Podcast: Play in new window | Download
God puts sinners back together, and God in His mercy puts backsliders back together again. How He does this is truly remarkable, and as we enter into the spirit of this psalm we find ourselves right at the heart of the gospel.
“Lord, thou hast been Favourable unto thy land: Thou hast brought back the captivity of Jacob. Thou hast forgiven the iniquity of thy people, Thou hast covered all their sin. Selah . . .” (Ps. 85:1–13)
Summary of the Text:
The text divides this way. The first three verses recall the Lord’s mercies to Israel in time past (vv. 1-3). In the next section, the psalmist pleads with God concerning Israel’s current afflictions (vv. 4-7). He pauses in the next verse to resolve that he will hear what the Lord says (v. 8). And then, in the conclusion of the psalm, he rejoices in the salvation that is coming (vv. 9-13).
Lord, in the past You have released Jacob from her troubles (v. 1). At the center of this deliverance, You have forgiven them (v. 2). Because forgiveness was granted, then wrath was turned away (v. 3). The past faithfulness of God provides one of the very best present arguments with God. God, turn Your people away from their sin (v. 4). Why extend Your anger (v. 5)? We have had enough. If You revive Your people, then they will be able to rejoice in You (v. 6). Show us mercy, Lord. Grant us salvation (v. 7). The petition is submitted, and then the petitioner submits himself (v. 8). Fear God, and salvation is right at hand (v. 9). So is glory. Mercy and truth have met (v. 10), and righteousness and peace have kissed (v. 10). Truth grows out of the ground, and righteousness smiles down on us (v. 11). The Lord gives what is good, and the land will bear much increase (v. 12). Righteousness will then lead the way (v. 13).
The Deliverance Argument:
Considering how many times God inspired this argument to show up in Scripture, it must be an argument He really loves. The argument goes this way. God, why do You love delivering Your people in the way back history books? We believe those history books, but why do You seem so reluctant to deliver us in the same way?
The Marker of Joy:
When God revives His people, the indicator that this has happened is joy. Revive us again so that we may rejoice in you (v. 6). When David is forgiven, he looks forward to being restored to the joy of his salvation (Ps. 51:12). When we really love Jesus, not having seen Him, and when we have not seen Him but yet believe in Him, what happens? The result is that we rejoice with joy unspeakable and full of glory (1 Pet. 1:8). When we pray for reformation and revival, we are not asking to be brought into a state of mild contentment. We are not seeking tepid complacency.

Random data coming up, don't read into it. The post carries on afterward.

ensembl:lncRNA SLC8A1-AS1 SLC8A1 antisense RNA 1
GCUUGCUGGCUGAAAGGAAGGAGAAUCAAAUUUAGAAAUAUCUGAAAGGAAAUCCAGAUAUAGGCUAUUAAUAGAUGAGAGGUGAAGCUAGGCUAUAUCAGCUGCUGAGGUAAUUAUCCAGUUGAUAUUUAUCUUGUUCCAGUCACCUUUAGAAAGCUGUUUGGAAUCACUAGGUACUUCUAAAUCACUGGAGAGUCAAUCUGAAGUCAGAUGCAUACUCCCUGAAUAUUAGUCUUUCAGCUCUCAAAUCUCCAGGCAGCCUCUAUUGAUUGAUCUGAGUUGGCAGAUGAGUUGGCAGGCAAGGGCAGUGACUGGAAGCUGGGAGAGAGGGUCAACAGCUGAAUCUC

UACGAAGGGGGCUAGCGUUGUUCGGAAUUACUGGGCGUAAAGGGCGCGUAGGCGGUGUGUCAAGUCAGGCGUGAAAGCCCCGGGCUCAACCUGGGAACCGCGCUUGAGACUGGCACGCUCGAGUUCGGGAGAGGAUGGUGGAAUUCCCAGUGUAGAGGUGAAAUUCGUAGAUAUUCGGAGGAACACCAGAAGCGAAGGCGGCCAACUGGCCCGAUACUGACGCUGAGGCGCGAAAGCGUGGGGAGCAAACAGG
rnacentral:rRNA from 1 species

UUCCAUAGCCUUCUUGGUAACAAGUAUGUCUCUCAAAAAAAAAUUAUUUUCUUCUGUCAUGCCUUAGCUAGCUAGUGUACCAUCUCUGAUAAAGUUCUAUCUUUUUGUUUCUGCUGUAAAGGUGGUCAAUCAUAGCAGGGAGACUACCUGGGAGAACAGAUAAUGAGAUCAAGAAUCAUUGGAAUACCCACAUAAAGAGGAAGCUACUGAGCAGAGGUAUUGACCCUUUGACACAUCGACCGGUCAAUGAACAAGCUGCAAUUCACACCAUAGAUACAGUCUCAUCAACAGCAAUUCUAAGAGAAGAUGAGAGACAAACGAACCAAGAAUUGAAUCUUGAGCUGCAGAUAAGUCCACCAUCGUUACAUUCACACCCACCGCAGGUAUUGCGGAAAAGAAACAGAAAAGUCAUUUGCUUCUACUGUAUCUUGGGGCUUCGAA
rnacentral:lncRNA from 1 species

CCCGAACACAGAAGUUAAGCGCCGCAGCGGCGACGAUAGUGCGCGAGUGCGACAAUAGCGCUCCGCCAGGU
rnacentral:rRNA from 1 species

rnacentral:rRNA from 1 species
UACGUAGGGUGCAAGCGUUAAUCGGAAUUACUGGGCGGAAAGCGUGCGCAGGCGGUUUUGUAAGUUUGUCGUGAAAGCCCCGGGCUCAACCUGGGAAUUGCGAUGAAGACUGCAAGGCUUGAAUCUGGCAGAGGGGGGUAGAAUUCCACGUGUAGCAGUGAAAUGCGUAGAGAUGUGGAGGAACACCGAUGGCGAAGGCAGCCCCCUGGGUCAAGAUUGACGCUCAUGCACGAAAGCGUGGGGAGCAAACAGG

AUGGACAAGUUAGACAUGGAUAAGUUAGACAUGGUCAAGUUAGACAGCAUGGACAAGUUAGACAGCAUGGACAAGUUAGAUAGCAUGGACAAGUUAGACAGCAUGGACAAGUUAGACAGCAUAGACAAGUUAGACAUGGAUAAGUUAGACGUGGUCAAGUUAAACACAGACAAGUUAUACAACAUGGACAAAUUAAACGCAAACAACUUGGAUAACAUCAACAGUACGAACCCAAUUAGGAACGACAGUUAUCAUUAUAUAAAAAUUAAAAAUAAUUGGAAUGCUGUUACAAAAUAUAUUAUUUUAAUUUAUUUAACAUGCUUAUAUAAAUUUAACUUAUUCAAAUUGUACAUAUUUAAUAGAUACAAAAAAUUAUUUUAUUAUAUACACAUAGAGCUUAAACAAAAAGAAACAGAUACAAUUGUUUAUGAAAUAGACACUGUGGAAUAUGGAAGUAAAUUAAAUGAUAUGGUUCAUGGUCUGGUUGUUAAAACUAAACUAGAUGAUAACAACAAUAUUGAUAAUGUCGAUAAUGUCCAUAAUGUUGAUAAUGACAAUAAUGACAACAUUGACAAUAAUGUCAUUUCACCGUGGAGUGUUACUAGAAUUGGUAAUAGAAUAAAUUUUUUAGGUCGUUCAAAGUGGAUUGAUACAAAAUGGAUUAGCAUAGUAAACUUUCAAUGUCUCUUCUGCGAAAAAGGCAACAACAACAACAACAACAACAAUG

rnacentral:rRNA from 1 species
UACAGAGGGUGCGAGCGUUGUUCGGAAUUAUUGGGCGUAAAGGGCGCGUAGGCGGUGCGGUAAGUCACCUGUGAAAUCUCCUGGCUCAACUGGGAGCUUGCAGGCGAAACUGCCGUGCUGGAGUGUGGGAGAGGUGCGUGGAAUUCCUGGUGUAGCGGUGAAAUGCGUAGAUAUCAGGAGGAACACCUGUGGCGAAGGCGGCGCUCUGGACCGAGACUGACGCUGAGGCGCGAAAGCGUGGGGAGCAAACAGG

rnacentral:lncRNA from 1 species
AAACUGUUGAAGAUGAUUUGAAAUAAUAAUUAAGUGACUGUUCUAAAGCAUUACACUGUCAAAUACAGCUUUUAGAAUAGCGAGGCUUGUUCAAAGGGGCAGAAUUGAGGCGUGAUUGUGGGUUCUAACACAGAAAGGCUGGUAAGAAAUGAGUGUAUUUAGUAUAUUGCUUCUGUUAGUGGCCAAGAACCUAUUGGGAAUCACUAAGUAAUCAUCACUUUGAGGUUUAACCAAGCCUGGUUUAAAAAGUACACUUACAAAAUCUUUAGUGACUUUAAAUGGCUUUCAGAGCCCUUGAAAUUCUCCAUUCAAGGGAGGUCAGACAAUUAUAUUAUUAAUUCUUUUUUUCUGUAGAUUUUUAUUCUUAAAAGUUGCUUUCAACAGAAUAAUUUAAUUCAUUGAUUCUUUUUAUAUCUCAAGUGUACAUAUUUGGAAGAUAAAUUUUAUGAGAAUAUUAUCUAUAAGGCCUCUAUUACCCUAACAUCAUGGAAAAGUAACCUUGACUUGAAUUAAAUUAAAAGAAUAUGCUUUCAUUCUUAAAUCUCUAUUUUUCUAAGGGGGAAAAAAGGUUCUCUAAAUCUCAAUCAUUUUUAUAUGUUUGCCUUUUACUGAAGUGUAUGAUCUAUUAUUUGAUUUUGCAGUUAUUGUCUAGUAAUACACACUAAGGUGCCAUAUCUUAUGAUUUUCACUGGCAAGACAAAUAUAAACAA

How Is This Possible?
An unrighteous man once came to the Prince of Peace, and identified Him to the soldiers by kissing Him. Unrighteousness kissed peace, and this led to the chain of events that culminated in righteousness and peace kissing each other.
We have four great attributes of God mentioned here, and the trick—in a sinful world—is how to get them all together. Mercy and peace appear to go well together. Righteousness and truth seem like natural companions. But how is it that mercy and truth have met together? How can righteousness and peace greet one another with a holy kiss? This is only possible in one place, and that place is the cross of wood upon which Jesus died.
Where do mercy and truth meet? They meet in the paths of the Lord, and the paths of the Lord are always related to the hill of Golgotha. “All the paths of the Lord are mercy and truth unto such as keep his covenant and his testimonies” (Ps. 25:10). We see the two as natural companions, but only because of the gospel. “Now I say that Jesus Christ was a minister of the circumcision for the truth of God, to confirm the promises made unto the fathers: And that the Gentiles might glorify God for his mercy; as it is written, For this cause I will confess to thee among the Gentiles, and sing unto thy name” (Rom. 15:8–9).
This is a welding job that could not be accomplished by any other means than the vicarious, substitutionary death of Christ on the cross for sinners. When we look at that cross, we see the most incongruous elements fused together in a white hot deliverance. We see the love of God and the hatred of God, together as one. We see the mercy of God and the truth of God with joined hands. We see the righteousness of God and the peace of God embracing each other.
We see the unrighteousness of man and the righteousness of Christ. And then, in a glorious exchange, we see the unrighteousness of Christ on our behalf and the righteousness of wretches because of the purity of His life. It is all there. “For he hath made him to be sin for us, who knew no sin; that we might be made the righteousness of God in him” (2 Cor. 5:21).
Truth as a Thick Lawn:
When the Spirit of God has done His work, and the people of God are restored as they ought to be, what is the result? Truth grows out of the ground like it was grass (v. 11). Righteousness looks down from heaven on us and smiles. Think of the truth of God growing like the thickest of lawns, and all your little kids running barefoot on it. Think of God’s pleasure resting on you—but it is His righteousness pleasure resting on you.
The reason we tend to walk in trepidation and fear is that we want righteousness and peace to be friends somewhere other than in the vicarious death of Jesus. We want mercy and truth to get along somewhere other than in the blood of the covenant. But that is in no way possible.